Back in the early 1960s, the cheesy but enjoyable low-budget Italian “sword and sandal” epics were particularly popular among young moviegoers. One of the main reasons the various television swashbuckler series produced by Sam Raimi, including Xena, Warrior Princess, The Legend of the Seeker and Spartacus: Blood and Sand, are so much fun is the way they invoke those old films (albeit with much more visual style and a post-modern sense of humor).
Ironically, the Citizen Kane of “sword and sandal” flicks, special effects wizard Ray Harryhausen’s magnificent Jason and the Argonauts, failed to reach a wider audience because many people confused it with its cut-rate Italian brethren. Raimi’s Hercules, The Legendary Journeys paid homage to Harryhausen’s masterpiece with the episode Once a Hero (originally broadcast on Jan. 29, 1996) which was a de-facto sequel to Jason and the Argonauts (with a touch of Agatha Christie’s Ten Little Indians thrown in for good measure).
Directed by Robert Tapert and scripted by Robert Bialak and John Schulian from a story by all three of them, Once a Hero finds Hercules (Kevin Sorbo) and Iolaus (Michael Hurst) arriving in Argos for a reunion of the Argonauts. Among the other Argonauts gathered there are gentle giant Otus (Mark Nua), scribe Archivus (Tim Raby), acrobatic Castor (Peter Feeney), archer Valerus (Anthony Ray Parker), ruthless Artemus (Edward Campbell), innkeeper Domesticles (John Sumner) and an honorary Argonaut, Phoebe (Willa O’Neil), daughter of recently deceased Lycenus. (Supposedly he was killed in an accident, but she insists he was murdered.)
Putting a damper on the festivities is King Jason (Jeffrey Thomas) who has become an emotional wreck haunted by the death of his sons and wife and by visions of an avenging demon. He is in such bad shape that his Chief Region Marcus (Lathan Gaines) threatens to seize the throne. At Domesticles’ tavern, the Argonauts are trying to comfort Jason when a group of crazed Hera-worshipping cultists known as Bloodeyes break in. As the Argonauts fight them off, the “demon” steals The Golden Fleece and Jason sees an opportunity to redeem himself. “I brought the fleece back once; I can do it again,” he says.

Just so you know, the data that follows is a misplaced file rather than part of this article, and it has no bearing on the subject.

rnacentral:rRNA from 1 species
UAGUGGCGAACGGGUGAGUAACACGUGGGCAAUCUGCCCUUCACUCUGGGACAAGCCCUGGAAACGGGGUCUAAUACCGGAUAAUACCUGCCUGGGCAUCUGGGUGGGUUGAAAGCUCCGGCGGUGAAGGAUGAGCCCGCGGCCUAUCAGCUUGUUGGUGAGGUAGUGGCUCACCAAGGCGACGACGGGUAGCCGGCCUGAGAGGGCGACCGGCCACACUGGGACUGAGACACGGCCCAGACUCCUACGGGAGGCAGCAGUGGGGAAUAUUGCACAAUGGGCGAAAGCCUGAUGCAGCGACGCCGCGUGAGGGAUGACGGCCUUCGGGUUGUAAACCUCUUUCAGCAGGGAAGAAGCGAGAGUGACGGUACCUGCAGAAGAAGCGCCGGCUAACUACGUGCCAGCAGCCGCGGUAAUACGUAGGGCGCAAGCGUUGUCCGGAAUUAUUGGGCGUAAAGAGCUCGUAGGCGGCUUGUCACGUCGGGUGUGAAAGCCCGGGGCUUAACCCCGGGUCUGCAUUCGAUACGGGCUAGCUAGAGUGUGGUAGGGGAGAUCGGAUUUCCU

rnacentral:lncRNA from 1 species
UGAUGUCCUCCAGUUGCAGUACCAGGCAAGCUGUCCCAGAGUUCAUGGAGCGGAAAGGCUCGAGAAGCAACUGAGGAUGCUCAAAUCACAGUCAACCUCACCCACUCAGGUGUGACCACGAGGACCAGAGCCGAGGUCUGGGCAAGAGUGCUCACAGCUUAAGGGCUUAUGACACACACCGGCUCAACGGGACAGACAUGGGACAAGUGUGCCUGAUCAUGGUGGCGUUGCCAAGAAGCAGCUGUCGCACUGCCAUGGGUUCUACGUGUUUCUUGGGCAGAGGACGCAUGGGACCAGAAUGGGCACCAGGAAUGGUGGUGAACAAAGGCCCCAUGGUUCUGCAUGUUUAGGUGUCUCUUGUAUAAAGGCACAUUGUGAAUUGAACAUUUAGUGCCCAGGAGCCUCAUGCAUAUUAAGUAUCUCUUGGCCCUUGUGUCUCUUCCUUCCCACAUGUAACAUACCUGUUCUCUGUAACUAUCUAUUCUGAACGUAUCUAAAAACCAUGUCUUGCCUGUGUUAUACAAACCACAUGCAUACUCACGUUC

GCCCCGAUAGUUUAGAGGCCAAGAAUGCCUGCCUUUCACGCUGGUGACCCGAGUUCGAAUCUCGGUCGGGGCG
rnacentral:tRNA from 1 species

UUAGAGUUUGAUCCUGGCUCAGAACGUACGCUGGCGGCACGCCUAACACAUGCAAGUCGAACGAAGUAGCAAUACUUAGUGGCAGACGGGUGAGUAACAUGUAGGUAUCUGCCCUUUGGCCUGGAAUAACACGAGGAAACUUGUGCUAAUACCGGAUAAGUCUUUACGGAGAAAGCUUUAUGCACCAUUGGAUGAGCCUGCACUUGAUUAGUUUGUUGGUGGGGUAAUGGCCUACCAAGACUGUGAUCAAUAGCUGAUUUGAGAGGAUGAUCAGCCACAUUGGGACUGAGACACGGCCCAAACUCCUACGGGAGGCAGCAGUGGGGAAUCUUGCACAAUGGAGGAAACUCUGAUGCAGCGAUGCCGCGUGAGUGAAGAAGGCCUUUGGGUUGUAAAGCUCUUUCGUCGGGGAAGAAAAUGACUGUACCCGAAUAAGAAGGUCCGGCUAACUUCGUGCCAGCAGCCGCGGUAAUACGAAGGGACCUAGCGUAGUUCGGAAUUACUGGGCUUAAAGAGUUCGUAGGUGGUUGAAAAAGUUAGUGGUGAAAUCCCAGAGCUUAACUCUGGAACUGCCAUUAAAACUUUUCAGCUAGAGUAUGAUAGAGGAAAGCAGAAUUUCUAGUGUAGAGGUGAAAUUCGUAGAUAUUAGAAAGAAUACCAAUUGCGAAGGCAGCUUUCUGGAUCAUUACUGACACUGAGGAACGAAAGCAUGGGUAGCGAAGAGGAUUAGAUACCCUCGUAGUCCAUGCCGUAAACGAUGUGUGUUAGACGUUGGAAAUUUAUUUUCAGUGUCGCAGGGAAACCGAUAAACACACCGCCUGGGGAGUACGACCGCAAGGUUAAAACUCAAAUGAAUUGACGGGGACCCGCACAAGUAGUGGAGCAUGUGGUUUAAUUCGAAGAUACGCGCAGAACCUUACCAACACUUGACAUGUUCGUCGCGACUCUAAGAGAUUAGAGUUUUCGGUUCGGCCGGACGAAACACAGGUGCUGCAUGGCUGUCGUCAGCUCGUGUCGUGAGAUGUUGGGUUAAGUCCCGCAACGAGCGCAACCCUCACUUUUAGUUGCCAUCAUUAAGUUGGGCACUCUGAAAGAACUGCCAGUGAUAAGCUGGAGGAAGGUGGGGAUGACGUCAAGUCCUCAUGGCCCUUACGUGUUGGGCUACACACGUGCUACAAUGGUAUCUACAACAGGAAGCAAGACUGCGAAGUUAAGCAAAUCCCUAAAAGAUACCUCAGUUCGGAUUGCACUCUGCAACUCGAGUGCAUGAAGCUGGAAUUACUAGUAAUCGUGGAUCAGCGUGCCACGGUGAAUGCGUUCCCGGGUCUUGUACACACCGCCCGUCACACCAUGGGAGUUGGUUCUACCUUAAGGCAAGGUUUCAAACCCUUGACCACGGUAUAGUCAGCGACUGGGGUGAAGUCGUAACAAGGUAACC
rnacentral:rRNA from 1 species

The next day, they set to sea on the Argo. Up ahead of them, they spot the Bloodeyes’ ship which appears as just a speck in the far distance.
Phoebe: There are twenty black-clad warriors wearing the red peacock eye, nine at the bow, eleven at the stern. One of them walks with a limp. I think he has a gammy left leg. There may be more below deck. The boat’s running low in the water.
Hercules: Your father had the eyes of an eagle as well.
Phoebe: I’ve got more than good eyes. I’ve got a fighting heart.
Hercules: Well, let’s hope you don’t have to prove it. Ah, the wind’s switching. Maybe we can get back some of the distance they have on us.
Iolaus: Can you really see that?
Phoebe: I made up the part about the limp.
As the Argonauts pursue the Bloodeyes’ ship, they hear a horrendous crash down below. At the bottom of the steps, Otus lies dead, his neck broken. The body is first discovered by Artemus who was quarreling with Otus a few hours earlier. Questioned by Hercules and Iolaus, Artemus denies any involvement in Otus’ death. There is further bad news when the Argonauts arrive at the island the Bloodeyes were headed for: it’s the home of an active volcano that’s about to erupt at any minute.
From this point on, there are several battles and cliffhangers (some literal), the identity of the “demon” is revealed and, of course, as a grand finale, the Argonauts are once again forced to do battle with an army of living skeletons. (Although these CGI skeletons are nowhere near as impressive as Harryhausen’s stop-action animation equivalents, they are still a nice tip of the hat to the master.)
End credits disclaimer: We gratefully acknowledge the lifelong inspiration Ray Harryhausen has provided on our journey through Filmland.
Hercules, the Legendary Journeys: Once a Hero can be viewed on-line at Netflix’s Watch Instantly service and is available for rental.